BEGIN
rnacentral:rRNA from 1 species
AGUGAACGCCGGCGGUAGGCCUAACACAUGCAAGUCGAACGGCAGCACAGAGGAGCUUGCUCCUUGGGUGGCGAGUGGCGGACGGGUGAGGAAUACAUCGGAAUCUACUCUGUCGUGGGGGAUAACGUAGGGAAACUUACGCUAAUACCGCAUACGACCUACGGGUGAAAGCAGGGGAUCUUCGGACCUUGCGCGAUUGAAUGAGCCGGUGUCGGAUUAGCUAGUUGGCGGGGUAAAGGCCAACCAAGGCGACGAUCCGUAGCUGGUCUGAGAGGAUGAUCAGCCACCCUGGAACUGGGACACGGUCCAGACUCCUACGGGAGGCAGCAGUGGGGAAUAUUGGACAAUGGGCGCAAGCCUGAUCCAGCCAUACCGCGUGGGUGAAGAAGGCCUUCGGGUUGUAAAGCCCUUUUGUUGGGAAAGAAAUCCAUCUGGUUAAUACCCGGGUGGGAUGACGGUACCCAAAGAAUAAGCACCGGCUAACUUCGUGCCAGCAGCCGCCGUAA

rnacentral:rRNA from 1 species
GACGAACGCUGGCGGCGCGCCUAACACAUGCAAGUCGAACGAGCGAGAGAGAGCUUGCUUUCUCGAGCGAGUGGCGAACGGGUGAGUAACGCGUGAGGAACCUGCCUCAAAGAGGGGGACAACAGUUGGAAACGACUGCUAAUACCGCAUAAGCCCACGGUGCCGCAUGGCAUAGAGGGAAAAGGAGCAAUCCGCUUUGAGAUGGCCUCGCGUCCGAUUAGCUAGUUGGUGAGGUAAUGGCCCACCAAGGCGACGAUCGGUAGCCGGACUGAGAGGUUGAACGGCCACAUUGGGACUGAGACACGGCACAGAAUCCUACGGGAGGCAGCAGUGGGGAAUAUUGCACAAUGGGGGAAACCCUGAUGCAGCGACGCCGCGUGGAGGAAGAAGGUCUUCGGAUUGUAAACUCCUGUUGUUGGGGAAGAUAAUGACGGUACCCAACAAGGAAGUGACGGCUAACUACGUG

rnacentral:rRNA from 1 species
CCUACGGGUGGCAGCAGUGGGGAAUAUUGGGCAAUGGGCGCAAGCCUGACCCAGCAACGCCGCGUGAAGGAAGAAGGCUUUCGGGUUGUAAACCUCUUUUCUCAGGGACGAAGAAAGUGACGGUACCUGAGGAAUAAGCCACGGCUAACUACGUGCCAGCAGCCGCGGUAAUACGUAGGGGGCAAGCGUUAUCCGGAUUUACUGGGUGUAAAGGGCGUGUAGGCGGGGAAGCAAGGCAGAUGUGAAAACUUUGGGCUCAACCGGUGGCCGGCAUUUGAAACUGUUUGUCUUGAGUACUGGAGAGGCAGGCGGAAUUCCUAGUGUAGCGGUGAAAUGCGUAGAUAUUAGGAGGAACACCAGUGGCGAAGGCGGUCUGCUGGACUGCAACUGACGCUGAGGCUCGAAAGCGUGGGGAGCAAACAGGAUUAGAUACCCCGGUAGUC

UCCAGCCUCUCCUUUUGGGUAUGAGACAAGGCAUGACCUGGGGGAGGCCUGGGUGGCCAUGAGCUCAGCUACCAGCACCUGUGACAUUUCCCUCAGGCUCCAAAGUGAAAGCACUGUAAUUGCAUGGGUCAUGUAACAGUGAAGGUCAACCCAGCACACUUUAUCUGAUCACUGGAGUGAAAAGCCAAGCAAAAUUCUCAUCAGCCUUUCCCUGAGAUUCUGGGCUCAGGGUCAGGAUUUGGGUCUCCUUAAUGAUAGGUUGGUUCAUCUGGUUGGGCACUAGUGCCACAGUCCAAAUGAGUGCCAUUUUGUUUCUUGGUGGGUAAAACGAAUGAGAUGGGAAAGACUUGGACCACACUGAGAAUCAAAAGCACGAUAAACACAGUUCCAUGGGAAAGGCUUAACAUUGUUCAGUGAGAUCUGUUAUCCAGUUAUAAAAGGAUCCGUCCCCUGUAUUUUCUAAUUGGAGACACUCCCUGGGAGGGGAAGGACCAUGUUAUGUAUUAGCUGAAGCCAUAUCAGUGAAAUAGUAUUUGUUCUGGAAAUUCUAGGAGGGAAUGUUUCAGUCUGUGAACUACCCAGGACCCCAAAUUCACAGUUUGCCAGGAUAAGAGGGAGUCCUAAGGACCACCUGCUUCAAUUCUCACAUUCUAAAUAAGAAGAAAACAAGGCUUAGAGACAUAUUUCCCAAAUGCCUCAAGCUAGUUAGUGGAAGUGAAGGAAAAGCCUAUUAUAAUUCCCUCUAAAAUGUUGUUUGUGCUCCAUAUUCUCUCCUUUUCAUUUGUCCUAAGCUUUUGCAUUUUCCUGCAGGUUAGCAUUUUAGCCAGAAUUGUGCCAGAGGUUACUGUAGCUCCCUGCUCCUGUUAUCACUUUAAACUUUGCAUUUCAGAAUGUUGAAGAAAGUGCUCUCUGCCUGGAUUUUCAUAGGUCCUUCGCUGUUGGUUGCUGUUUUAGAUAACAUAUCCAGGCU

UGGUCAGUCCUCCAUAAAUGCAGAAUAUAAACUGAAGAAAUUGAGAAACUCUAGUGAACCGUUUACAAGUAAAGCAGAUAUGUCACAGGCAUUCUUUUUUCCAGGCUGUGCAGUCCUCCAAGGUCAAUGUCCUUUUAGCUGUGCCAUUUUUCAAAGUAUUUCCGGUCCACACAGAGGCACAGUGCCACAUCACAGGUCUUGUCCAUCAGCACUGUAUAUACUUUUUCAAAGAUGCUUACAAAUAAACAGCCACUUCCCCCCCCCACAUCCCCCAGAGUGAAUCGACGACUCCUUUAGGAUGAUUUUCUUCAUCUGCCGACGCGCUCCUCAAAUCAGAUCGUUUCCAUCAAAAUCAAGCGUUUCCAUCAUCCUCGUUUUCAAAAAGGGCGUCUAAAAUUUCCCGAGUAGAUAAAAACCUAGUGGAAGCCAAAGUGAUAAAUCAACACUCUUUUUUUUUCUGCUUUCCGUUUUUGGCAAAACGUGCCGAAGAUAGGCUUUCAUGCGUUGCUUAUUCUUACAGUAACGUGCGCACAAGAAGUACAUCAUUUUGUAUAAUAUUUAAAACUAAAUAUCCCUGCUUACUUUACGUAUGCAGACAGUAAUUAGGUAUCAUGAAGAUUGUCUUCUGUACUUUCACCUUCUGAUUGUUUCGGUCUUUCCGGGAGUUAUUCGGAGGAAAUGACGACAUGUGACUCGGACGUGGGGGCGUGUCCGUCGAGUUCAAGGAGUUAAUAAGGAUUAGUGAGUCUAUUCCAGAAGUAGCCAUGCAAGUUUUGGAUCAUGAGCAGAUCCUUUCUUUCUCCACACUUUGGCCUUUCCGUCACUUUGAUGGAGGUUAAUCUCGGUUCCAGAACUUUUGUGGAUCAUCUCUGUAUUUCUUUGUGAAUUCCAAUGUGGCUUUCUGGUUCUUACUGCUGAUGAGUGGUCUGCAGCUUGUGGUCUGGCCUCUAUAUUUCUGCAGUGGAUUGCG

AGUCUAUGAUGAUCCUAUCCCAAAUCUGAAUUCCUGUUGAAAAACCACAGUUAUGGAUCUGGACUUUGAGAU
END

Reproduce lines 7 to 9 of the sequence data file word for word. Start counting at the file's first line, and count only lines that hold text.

UCCAGCCUCUCCUUUUGGGUAUGAGACAAGGCAUGACCUGGGGGAGGCCUGGGUGGCCAUGAGCUCAGCUACCAGCACCUGUGACAUUUCCCUCAGGCUCCAAAGUGAAAGCACUGUAAUUGCAUGGGUCAUGUAACAGUGAAGGUCAACCCAGCACACUUUAUCUGAUCACUGGAGUGAAAAGCCAAGCAAAAUUCUCAUCAGCCUUUCCCUGAGAUUCUGGGCUCAGGGUCAGGAUUUGGGUCUCCUUAAUGAUAGGUUGGUUCAUCUGGUUGGGCACUAGUGCCACAGUCCAAAUGAGUGCCAUUUUGUUUCUUGGUGGGUAAAACGAAUGAGAUGGGAAAGACUUGGACCACACUGAGAAUCAAAAGCACGAUAAACACAGUUCCAUGGGAAAGGCUUAACAUUGUUCAGUGAGAUCUGUUAUCCAGUUAUAAAAGGAUCCGUCCCCUGUAUUUUCUAAUUGGAGACACUCCCUGGGAGGGGAAGGACCAUGUUAUGUAUUAGCUGAAGCCAUAUCAGUGAAAUAGUAUUUGUUCUGGAAAUUCUAGGAGGGAAUGUUUCAGUCUGUGAACUACCCAGGACCCCAAAUUCACAGUUUGCCAGGAUAAGAGGGAGUCCUAAGGACCACCUGCUUCAAUUCUCACAUUCUAAAUAAGAAGAAAACAAGGCUUAGAGACAUAUUUCCCAAAUGCCUCAAGCUAGUUAGUGGAAGUGAAGGAAAAGCCUAUUAUAAUUCCCUCUAAAAUGUUGUUUGUGCUCCAUAUUCUCUCCUUUUCAUUUGUCCUAAGCUUUUGCAUUUUCCUGCAGGUUAGCAUUUUAGCCAGAAUUGUGCCAGAGGUUACUGUAGCUCCCUGCUCCUGUUAUCACUUUAAACUUUGCAUUUCAGAAUGUUGAAGAAAGUGCUCUCUGCCUGGAUUUUCAUAGGUCCUUCGCUGUUGGUUGCUGUUUUAGAUAACAUAUCCAGGCU

UGGUCAGUCCUCCAUAAAUGCAGAAUAUAAACUGAAGAAAUUGAGAAACUCUAGUGAACCGUUUACAAGUAAAGCAGAUAUGUCACAGGCAUUCUUUUUUCCAGGCUGUGCAGUCCUCCAAGGUCAAUGUCCUUUUAGCUGUGCCAUUUUUCAAAGUAUUUCCGGUCCACACAGAGGCACAGUGCCACAUCACAGGUCUUGUCCAUCAGCACUGUAUAUACUUUUUCAAAGAUGCUUACAAAUAAACAGCCACUUCCCCCCCCCACAUCCCCCAGAGUGAAUCGACGACUCCUUUAGGAUGAUUUUCUUCAUCUGCCGACGCGCUCCUCAAAUCAGAUCGUUUCCAUCAAAAUCAAGCGUUUCCAUCAUCCUCGUUUUCAAAAAGGGCGUCUAAAAUUUCCCGAGUAGAUAAAAACCUAGUGGAAGCCAAAGUGAUAAAUCAACACUCUUUUUUUUUCUGCUUUCCGUUUUUGGCAAAACGUGCCGAAGAUAGGCUUUCAUGCGUUGCUUAUUCUUACAGUAACGUGCGCACAAGAAGUACAUCAUUUUGUAUAAUAUUUAAAACUAAAUAUCCCUGCUUACUUUACGUAUGCAGACAGUAAUUAGGUAUCAUGAAGAUUGUCUUCUGUACUUUCACCUUCUGAUUGUUUCGGUCUUUCCGGGAGUUAUUCGGAGGAAAUGACGACAUGUGACUCGGACGUGGGGGCGUGUCCGUCGAGUUCAAGGAGUUAAUAAGGAUUAGUGAGUCUAUUCCAGAAGUAGCCAUGCAAGUUUUGGAUCAUGAGCAGAUCCUUUCUUUCUCCACACUUUGGCCUUUCCGUCACUUUGAUGGAGGUUAAUCUCGGUUCCAGAACUUUUGUGGAUCAUCUCUGUAUUUCUUUGUGAAUUCCAAUGUGGCUUUCUGGUUCUUACUGCUGAUGAGUGGUCUGCAGCUUGUGGUCUGGCCUCUAUAUUUCUGCAGUGGAUUGCG

AGUCUAUGAUGAUCCUAUCCCAAAUCUGAAUUCCUGUUGAAAAACCACAGUUAUGGAUCUGGACUUUGAGAU